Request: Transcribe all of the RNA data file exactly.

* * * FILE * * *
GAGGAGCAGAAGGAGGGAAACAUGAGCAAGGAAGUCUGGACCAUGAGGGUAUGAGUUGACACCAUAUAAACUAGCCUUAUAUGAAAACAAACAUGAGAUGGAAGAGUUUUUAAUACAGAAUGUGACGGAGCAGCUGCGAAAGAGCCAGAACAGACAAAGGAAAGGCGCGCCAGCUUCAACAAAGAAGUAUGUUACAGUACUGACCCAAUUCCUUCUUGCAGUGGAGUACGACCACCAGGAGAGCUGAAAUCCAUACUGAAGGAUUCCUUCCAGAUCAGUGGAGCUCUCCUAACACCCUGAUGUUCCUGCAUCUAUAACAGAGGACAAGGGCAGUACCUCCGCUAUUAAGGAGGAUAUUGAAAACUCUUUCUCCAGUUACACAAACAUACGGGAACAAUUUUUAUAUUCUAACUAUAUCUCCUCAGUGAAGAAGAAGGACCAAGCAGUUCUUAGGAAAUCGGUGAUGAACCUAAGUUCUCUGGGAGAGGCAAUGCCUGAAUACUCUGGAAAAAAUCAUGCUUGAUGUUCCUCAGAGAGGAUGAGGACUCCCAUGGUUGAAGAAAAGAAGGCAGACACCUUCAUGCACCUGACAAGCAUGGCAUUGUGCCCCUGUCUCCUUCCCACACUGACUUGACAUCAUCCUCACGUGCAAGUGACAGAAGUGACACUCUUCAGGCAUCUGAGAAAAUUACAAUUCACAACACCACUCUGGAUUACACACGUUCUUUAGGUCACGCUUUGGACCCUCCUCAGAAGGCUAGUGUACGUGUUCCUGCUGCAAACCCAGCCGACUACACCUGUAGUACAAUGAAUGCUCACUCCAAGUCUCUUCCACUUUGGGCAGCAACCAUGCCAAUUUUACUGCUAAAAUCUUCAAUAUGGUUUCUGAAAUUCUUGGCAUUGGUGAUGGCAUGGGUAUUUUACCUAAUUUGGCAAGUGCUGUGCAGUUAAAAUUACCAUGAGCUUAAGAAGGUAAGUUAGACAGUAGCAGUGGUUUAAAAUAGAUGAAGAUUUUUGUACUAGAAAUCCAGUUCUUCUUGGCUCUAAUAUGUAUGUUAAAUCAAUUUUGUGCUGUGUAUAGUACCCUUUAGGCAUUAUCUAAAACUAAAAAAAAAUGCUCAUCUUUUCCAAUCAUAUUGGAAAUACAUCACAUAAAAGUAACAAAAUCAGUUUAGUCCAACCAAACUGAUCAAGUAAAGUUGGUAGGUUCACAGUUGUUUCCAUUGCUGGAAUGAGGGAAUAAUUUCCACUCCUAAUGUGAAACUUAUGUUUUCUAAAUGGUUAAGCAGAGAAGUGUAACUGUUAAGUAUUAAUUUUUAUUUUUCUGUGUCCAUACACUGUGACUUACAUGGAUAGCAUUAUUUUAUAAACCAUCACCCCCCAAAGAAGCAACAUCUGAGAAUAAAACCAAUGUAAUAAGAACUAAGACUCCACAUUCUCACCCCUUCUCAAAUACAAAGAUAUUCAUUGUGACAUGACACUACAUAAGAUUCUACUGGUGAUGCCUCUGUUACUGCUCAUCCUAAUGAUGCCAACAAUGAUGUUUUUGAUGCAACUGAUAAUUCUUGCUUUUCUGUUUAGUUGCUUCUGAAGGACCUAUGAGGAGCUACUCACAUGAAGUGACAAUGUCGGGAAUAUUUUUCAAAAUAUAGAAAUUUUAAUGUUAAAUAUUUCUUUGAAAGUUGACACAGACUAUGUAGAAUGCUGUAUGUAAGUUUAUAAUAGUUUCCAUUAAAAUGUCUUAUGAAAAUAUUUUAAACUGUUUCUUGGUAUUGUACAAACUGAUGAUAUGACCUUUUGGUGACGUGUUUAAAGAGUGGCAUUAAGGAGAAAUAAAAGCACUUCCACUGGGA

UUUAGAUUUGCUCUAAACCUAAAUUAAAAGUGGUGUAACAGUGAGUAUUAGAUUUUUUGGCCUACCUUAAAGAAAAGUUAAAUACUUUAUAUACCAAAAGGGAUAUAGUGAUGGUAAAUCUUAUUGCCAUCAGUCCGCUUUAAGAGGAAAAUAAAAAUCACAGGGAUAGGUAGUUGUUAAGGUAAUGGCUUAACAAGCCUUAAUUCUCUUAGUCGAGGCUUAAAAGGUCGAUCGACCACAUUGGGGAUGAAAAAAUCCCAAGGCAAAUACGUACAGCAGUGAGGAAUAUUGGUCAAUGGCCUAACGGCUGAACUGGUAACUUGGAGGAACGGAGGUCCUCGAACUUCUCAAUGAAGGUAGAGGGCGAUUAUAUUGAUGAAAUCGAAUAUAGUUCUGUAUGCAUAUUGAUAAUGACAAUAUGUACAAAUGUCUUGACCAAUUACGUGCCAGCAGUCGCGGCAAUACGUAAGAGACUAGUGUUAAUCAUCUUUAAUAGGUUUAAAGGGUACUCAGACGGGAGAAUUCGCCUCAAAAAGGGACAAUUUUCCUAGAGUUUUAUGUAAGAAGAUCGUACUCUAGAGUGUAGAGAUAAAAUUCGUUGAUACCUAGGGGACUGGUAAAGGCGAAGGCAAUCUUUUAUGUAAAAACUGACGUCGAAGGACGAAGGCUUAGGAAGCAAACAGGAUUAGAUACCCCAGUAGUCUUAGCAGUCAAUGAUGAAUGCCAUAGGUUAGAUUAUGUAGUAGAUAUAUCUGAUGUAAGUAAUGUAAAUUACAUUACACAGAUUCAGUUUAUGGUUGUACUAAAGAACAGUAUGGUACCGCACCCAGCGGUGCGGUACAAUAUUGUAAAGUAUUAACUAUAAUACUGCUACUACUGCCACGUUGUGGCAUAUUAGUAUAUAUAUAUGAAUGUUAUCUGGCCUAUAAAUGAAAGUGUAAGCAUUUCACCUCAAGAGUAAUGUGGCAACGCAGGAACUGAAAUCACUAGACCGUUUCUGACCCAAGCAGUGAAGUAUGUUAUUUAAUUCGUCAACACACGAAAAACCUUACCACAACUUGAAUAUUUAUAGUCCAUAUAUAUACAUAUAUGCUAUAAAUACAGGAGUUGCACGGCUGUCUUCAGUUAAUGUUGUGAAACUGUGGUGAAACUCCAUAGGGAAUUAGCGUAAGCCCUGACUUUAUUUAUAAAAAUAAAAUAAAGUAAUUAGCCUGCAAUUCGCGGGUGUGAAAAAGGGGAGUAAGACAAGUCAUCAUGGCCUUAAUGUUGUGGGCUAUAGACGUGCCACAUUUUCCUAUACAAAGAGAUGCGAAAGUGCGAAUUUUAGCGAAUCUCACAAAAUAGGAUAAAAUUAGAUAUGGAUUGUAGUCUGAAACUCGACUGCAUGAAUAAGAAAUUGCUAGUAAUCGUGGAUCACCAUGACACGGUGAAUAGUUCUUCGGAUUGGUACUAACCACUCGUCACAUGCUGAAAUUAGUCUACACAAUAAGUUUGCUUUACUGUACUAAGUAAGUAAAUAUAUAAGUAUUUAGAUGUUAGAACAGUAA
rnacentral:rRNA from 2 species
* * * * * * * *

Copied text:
GAGGAGCAGAAGGAGGGAAACAUGAGCAAGGAAGUCUGGACCAUGAGGGUAUGAGUUGACACCAUAUAAACUAGCCUUAUAUGAAAACAAACAUGAGAUGGAAGAGUUUUUAAUACAGAAUGUGACGGAGCAGCUGCGAAAGAGCCAGAACAGACAAAGGAAAGGCGCGCCAGCUUCAACAAAGAAGUAUGUUACAGUACUGACCCAAUUCCUUCUUGCAGUGGAGUACGACCACCAGGAGAGCUGAAAUCCAUACUGAAGGAUUCCUUCCAGAUCAGUGGAGCUCUCCUAACACCCUGAUGUUCCUGCAUCUAUAACAGAGGACAAGGGCAGUACCUCCGCUAUUAAGGAGGAUAUUGAAAACUCUUUCUCCAGUUACACAAACAUACGGGAACAAUUUUUAUAUUCUAACUAUAUCUCCUCAGUGAAGAAGAAGGACCAAGCAGUUCUUAGGAAAUCGGUGAUGAACCUAAGUUCUCUGGGAGAGGCAAUGCCUGAAUACUCUGGAAAAAAUCAUGCUUGAUGUUCCUCAGAGAGGAUGAGGACUCCCAUGGUUGAAGAAAAGAAGGCAGACACCUUCAUGCACCUGACAAGCAUGGCAUUGUGCCCCUGUCUCCUUCCCACACUGACUUGACAUCAUCCUCACGUGCAAGUGACAGAAGUGACACUCUUCAGGCAUCUGAGAAAAUUACAAUUCACAACACCACUCUGGAUUACACACGUUCUUUAGGUCACGCUUUGGACCCUCCUCAGAAGGCUAGUGUACGUGUUCCUGCUGCAAACCCAGCCGACUACACCUGUAGUACAAUGAAUGCUCACUCCAAGUCUCUUCCACUUUGGGCAGCAACCAUGCCAAUUUUACUGCUAAAAUCUUCAAUAUGGUUUCUGAAAUUCUUGGCAUUGGUGAUGGCAUGGGUAUUUUACCUAAUUUGGCAAGUGCUGUGCAGUUAAAAUUACCAUGAGCUUAAGAAGGUAAGUUAGACAGUAGCAGUGGUUUAAAAUAGAUGAAGAUUUUUGUACUAGAAAUCCAGUUCUUCUUGGCUCUAAUAUGUAUGUUAAAUCAAUUUUGUGCUGUGUAUAGUACCCUUUAGGCAUUAUCUAAAACUAAAAAAAAAUGCUCAUCUUUUCCAAUCAUAUUGGAAAUACAUCACAUAAAAGUAACAAAAUCAGUUUAGUCCAACCAAACUGAUCAAGUAAAGUUGGUAGGUUCACAGUUGUUUCCAUUGCUGGAAUGAGGGAAUAAUUUCCACUCCUAAUGUGAAACUUAUGUUUUCUAAAUGGUUAAGCAGAGAAGUGUAACUGUUAAGUAUUAAUUUUUAUUUUUCUGUGUCCAUACACUGUGACUUACAUGGAUAGCAUUAUUUUAUAAACCAUCACCCCCCAAAGAAGCAACAUCUGAGAAUAAAACCAAUGUAAUAAGAACUAAGACUCCACAUUCUCACCCCUUCUCAAAUACAAAGAUAUUCAUUGUGACAUGACACUACAUAAGAUUCUACUGGUGAUGCCUCUGUUACUGCUCAUCCUAAUGAUGCCAACAAUGAUGUUUUUGAUGCAACUGAUAAUUCUUGCUUUUCUGUUUAGUUGCUUCUGAAGGACCUAUGAGGAGCUACUCACAUGAAGUGACAAUGUCGGGAAUAUUUUUCAAAAUAUAGAAAUUUUAAUGUUAAAUAUUUCUUUGAAAGUUGACACAGACUAUGUAGAAUGCUGUAUGUAAGUUUAUAAUAGUUUCCAUUAAAAUGUCUUAUGAAAAUAUUUUAAACUGUUUCUUGGUAUUGUACAAACUGAUGAUAUGACCUUUUGGUGACGUGUUUAAAGAGUGGCAUUAAGGAGAAAUAAAAGCACUUCCACUGGGA

UUUAGAUUUGCUCUAAACCUAAAUUAAAAGUGGUGUAACAGUGAGUAUUAGAUUUUUUGGCCUACCUUAAAGAAAAGUUAAAUACUUUAUAUACCAAAAGGGAUAUAGUGAUGGUAAAUCUUAUUGCCAUCAGUCCGCUUUAAGAGGAAAAUAAAAAUCACAGGGAUAGGUAGUUGUUAAGGUAAUGGCUUAACAAGCCUUAAUUCUCUUAGUCGAGGCUUAAAAGGUCGAUCGACCACAUUGGGGAUGAAAAAAUCCCAAGGCAAAUACGUACAGCAGUGAGGAAUAUUGGUCAAUGGCCUAACGGCUGAACUGGUAACUUGGAGGAACGGAGGUCCUCGAACUUCUCAAUGAAGGUAGAGGGCGAUUAUAUUGAUGAAAUCGAAUAUAGUUCUGUAUGCAUAUUGAUAAUGACAAUAUGUACAAAUGUCUUGACCAAUUACGUGCCAGCAGUCGCGGCAAUACGUAAGAGACUAGUGUUAAUCAUCUUUAAUAGGUUUAAAGGGUACUCAGACGGGAGAAUUCGCCUCAAAAAGGGACAAUUUUCCUAGAGUUUUAUGUAAGAAGAUCGUACUCUAGAGUGUAGAGAUAAAAUUCGUUGAUACCUAGGGGACUGGUAAAGGCGAAGGCAAUCUUUUAUGUAAAAACUGACGUCGAAGGACGAAGGCUUAGGAAGCAAACAGGAUUAGAUACCCCAGUAGUCUUAGCAGUCAAUGAUGAAUGCCAUAGGUUAGAUUAUGUAGUAGAUAUAUCUGAUGUAAGUAAUGUAAAUUACAUUACACAGAUUCAGUUUAUGGUUGUACUAAAGAACAGUAUGGUACCGCACCCAGCGGUGCGGUACAAUAUUGUAAAGUAUUAACUAUAAUACUGCUACUACUGCCACGUUGUGGCAUAUUAGUAUAUAUAUAUGAAUGUUAUCUGGCCUAUAAAUGAAAGUGUAAGCAUUUCACCUCAAGAGUAAUGUGGCAACGCAGGAACUGAAAUCACUAGACCGUUUCUGACCCAAGCAGUGAAGUAUGUUAUUUAAUUCGUCAACACACGAAAAACCUUACCACAACUUGAAUAUUUAUAGUCCAUAUAUAUACAUAUAUGCUAUAAAUACAGGAGUUGCACGGCUGUCUUCAGUUAAUGUUGUGAAACUGUGGUGAAACUCCAUAGGGAAUUAGCGUAAGCCCUGACUUUAUUUAUAAAAAUAAAAUAAAGUAAUUAGCCUGCAAUUCGCGGGUGUGAAAAAGGGGAGUAAGACAAGUCAUCAUGGCCUUAAUGUUGUGGGCUAUAGACGUGCCACAUUUUCCUAUACAAAGAGAUGCGAAAGUGCGAAUUUUAGCGAAUCUCACAAAAUAGGAUAAAAUUAGAUAUGGAUUGUAGUCUGAAACUCGACUGCAUGAAUAAGAAAUUGCUAGUAAUCGUGGAUCACCAUGACACGGUGAAUAGUUCUUCGGAUUGGUACUAACCACUCGUCACAUGCUGAAAUUAGUCUACACAAUAAGUUUGCUUUACUGUACUAAGUAAGUAAAUAUAUAAGUAUUUAGAUGUUAGAACAGUAA
rnacentral:rRNA from 2 species